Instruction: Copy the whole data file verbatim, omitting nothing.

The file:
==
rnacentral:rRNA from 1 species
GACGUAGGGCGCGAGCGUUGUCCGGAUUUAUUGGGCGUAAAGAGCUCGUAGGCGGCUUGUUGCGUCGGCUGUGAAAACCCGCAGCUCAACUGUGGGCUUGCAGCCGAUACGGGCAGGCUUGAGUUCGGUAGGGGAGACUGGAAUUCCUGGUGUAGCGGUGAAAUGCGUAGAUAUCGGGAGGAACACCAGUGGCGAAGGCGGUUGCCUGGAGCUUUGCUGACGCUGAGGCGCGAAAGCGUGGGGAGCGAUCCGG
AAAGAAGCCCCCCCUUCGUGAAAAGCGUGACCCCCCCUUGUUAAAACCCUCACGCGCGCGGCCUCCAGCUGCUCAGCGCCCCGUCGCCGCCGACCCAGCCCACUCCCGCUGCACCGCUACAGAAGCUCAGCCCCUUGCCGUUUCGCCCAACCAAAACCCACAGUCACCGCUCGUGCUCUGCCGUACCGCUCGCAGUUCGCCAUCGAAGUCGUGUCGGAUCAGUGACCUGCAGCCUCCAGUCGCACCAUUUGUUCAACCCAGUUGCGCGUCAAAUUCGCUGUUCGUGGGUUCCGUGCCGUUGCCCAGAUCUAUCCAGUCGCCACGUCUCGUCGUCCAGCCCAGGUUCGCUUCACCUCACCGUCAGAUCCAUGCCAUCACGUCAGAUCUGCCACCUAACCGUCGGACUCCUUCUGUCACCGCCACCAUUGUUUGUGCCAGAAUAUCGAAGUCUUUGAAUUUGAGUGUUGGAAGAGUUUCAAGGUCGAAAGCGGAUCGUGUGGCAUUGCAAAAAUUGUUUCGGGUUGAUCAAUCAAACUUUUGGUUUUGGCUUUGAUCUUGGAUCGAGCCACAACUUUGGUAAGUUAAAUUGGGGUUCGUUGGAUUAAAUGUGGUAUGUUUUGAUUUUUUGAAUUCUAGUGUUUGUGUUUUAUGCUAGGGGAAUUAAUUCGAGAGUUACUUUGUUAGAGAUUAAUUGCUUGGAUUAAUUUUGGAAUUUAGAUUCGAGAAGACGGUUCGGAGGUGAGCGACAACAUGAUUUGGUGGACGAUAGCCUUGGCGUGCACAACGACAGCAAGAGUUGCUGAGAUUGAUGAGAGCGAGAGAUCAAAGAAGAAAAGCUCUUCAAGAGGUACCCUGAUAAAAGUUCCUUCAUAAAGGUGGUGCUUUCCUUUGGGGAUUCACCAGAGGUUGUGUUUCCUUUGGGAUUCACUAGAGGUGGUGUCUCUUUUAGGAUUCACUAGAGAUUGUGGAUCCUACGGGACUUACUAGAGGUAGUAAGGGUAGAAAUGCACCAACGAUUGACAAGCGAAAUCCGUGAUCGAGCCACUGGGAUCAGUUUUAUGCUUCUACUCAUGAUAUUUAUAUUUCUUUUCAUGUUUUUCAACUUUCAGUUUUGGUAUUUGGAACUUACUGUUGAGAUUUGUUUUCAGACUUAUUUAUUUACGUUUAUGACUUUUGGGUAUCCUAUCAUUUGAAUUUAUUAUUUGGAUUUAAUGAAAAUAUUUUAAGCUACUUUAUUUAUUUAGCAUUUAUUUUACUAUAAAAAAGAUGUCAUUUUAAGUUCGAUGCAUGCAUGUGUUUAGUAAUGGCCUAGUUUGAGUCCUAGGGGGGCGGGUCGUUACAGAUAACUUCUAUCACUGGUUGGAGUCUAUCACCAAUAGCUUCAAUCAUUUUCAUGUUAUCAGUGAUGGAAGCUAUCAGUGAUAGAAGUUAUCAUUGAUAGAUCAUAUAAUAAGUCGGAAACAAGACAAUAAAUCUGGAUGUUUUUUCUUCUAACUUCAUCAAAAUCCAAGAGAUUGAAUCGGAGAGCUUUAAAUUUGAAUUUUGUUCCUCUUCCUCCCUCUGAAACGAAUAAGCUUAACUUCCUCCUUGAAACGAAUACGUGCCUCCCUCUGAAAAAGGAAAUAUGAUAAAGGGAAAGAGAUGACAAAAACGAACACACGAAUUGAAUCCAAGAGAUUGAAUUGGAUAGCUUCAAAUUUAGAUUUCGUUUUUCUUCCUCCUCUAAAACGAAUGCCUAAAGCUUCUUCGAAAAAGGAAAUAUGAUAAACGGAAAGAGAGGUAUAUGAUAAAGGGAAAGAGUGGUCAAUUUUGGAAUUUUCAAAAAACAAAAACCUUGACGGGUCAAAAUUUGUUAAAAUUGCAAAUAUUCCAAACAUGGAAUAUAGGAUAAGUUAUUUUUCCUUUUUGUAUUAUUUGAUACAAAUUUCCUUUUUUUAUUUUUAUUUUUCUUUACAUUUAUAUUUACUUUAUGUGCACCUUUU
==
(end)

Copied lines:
rnacentral:rRNA from 1 species
GACGUAGGGCGCGAGCGUUGUCCGGAUUUAUUGGGCGUAAAGAGCUCGUAGGCGGCUUGUUGCGUCGGCUGUGAAAACCCGCAGCUCAACUGUGGGCUUGCAGCCGAUACGGGCAGGCUUGAGUUCGGUAGGGGAGACUGGAAUUCCUGGUGUAGCGGUGAAAUGCGUAGAUAUCGGGAGGAACACCAGUGGCGAAGGCGGUUGCCUGGAGCUUUGCUGACGCUGAGGCGCGAAAGCGUGGGGAGCGAUCCGG
AAAGAAGCCCCCCCUUCGUGAAAAGCGUGACCCCCCCUUGUUAAAACCCUCACGCGCGCGGCCUCCAGCUGCUCAGCGCCCCGUCGCCGCCGACCCAGCCCACUCCCGCUGCACCGCUACAGAAGCUCAGCCCCUUGCCGUUUCGCCCAACCAAAACCCACAGUCACCGCUCGUGCUCUGCCGUACCGCUCGCAGUUCGCCAUCGAAGUCGUGUCGGAUCAGUGACCUGCAGCCUCCAGUCGCACCAUUUGUUCAACCCAGUUGCGCGUCAAAUUCGCUGUUCGUGGGUUCCGUGCCGUUGCCCAGAUCUAUCCAGUCGCCACGUCUCGUCGUCCAGCCCAGGUUCGCUUCACCUCACCGUCAGAUCCAUGCCAUCACGUCAGAUCUGCCACCUAACCGUCGGACUCCUUCUGUCACCGCCACCAUUGUUUGUGCCAGAAUAUCGAAGUCUUUGAAUUUGAGUGUUGGAAGAGUUUCAAGGUCGAAAGCGGAUCGUGUGGCAUUGCAAAAAUUGUUUCGGGUUGAUCAAUCAAACUUUUGGUUUUGGCUUUGAUCUUGGAUCGAGCCACAACUUUGGUAAGUUAAAUUGGGGUUCGUUGGAUUAAAUGUGGUAUGUUUUGAUUUUUUGAAUUCUAGUGUUUGUGUUUUAUGCUAGGGGAAUUAAUUCGAGAGUUACUUUGUUAGAGAUUAAUUGCUUGGAUUAAUUUUGGAAUUUAGAUUCGAGAAGACGGUUCGGAGGUGAGCGACAACAUGAUUUGGUGGACGAUAGCCUUGGCGUGCACAACGACAGCAAGAGUUGCUGAGAUUGAUGAGAGCGAGAGAUCAAAGAAGAAAAGCUCUUCAAGAGGUACCCUGAUAAAAGUUCCUUCAUAAAGGUGGUGCUUUCCUUUGGGGAUUCACCAGAGGUUGUGUUUCCUUUGGGAUUCACUAGAGGUGGUGUCUCUUUUAGGAUUCACUAGAGAUUGUGGAUCCUACGGGACUUACUAGAGGUAGUAAGGGUAGAAAUGCACCAACGAUUGACAAGCGAAAUCCGUGAUCGAGCCACUGGGAUCAGUUUUAUGCUUCUACUCAUGAUAUUUAUAUUUCUUUUCAUGUUUUUCAACUUUCAGUUUUGGUAUUUGGAACUUACUGUUGAGAUUUGUUUUCAGACUUAUUUAUUUACGUUUAUGACUUUUGGGUAUCCUAUCAUUUGAAUUUAUUAUUUGGAUUUAAUGAAAAUAUUUUAAGCUACUUUAUUUAUUUAGCAUUUAUUUUACUAUAAAAAAGAUGUCAUUUUAAGUUCGAUGCAUGCAUGUGUUUAGUAAUGGCCUAGUUUGAGUCCUAGGGGGGCGGGUCGUUACAGAUAACUUCUAUCACUGGUUGGAGUCUAUCACCAAUAGCUUCAAUCAUUUUCAUGUUAUCAGUGAUGGAAGCUAUCAGUGAUAGAAGUUAUCAUUGAUAGAUCAUAUAAUAAGUCGGAAACAAGACAAUAAAUCUGGAUGUUUUUUCUUCUAACUUCAUCAAAAUCCAAGAGAUUGAAUCGGAGAGCUUUAAAUUUGAAUUUUGUUCCUCUUCCUCCCUCUGAAACGAAUAAGCUUAACUUCCUCCUUGAAACGAAUACGUGCCUCCCUCUGAAAAAGGAAAUAUGAUAAAGGGAAAGAGAUGACAAAAACGAACACACGAAUUGAAUCCAAGAGAUUGAAUUGGAUAGCUUCAAAUUUAGAUUUCGUUUUUCUUCCUCCUCUAAAACGAAUGCCUAAAGCUUCUUCGAAAAAGGAAAUAUGAUAAACGGAAAGAGAGGUAUAUGAUAAAGGGAAAGAGUGGUCAAUUUUGGAAUUUUCAAAAAACAAAAACCUUGACGGGUCAAAAUUUGUUAAAAUUGCAAAUAUUCCAAACAUGGAAUAUAGGAUAAGUUAUUUUUCCUUUUUGUAUUAUUUGAUACAAAUUUCCUUUUUUUAUUUUUAUUUUUCUUUACAUUUAUAUUUACUUUAUGUGCACCUUUU